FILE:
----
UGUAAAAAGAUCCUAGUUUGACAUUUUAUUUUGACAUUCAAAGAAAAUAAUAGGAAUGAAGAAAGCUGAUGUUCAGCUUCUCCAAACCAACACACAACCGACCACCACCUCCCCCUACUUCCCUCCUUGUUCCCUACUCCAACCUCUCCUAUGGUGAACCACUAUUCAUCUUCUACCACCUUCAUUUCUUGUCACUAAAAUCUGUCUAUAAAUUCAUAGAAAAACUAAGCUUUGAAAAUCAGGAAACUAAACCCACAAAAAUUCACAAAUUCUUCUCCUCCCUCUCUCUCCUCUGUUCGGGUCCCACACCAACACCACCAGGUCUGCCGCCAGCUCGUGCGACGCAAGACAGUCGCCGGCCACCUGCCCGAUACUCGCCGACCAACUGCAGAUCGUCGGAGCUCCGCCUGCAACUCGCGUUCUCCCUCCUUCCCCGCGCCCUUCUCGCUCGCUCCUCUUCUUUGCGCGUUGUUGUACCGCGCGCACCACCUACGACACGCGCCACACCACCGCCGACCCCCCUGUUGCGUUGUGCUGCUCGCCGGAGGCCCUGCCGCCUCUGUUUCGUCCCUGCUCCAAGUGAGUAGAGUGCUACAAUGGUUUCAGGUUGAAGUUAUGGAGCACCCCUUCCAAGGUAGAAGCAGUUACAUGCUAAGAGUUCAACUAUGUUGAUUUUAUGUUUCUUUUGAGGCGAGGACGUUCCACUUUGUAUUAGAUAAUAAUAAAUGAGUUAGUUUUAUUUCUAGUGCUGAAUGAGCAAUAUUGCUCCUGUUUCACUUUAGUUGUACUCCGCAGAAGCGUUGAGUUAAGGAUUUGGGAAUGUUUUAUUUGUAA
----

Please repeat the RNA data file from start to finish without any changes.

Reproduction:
UGUAAAAAGAUCCUAGUUUGACAUUUUAUUUUGACAUUCAAAGAAAAUAAUAGGAAUGAAGAAAGCUGAUGUUCAGCUUCUCCAAACCAACACACAACCGACCACCACCUCCCCCUACUUCCCUCCUUGUUCCCUACUCCAACCUCUCCUAUGGUGAACCACUAUUCAUCUUCUACCACCUUCAUUUCUUGUCACUAAAAUCUGUCUAUAAAUUCAUAGAAAAACUAAGCUUUGAAAAUCAGGAAACUAAACCCACAAAAAUUCACAAAUUCUUCUCCUCCCUCUCUCUCCUCUGUUCGGGUCCCACACCAACACCACCAGGUCUGCCGCCAGCUCGUGCGACGCAAGACAGUCGCCGGCCACCUGCCCGAUACUCGCCGACCAACUGCAGAUCGUCGGAGCUCCGCCUGCAACUCGCGUUCUCCCUCCUUCCCCGCGCCCUUCUCGCUCGCUCCUCUUCUUUGCGCGUUGUUGUACCGCGCGCACCACCUACGACACGCGCCACACCACCGCCGACCCCCCUGUUGCGUUGUGCUGCUCGCCGGAGGCCCUGCCGCCUCUGUUUCGUCCCUGCUCCAAGUGAGUAGAGUGCUACAAUGGUUUCAGGUUGAAGUUAUGGAGCACCCCUUCCAAGGUAGAAGCAGUUACAUGCUAAGAGUUCAACUAUGUUGAUUUUAUGUUUCUUUUGAGGCGAGGACGUUCCACUUUGUAUUAGAUAAUAAUAAAUGAGUUAGUUUUAUUUCUAGUGCUGAAUGAGCAAUAUUGCUCCUGUUUCACUUUAGUUGUACUCCGCAGAAGCGUUGAGUUAAGGAUUUGGGAAUGUUUUAUUUGUAA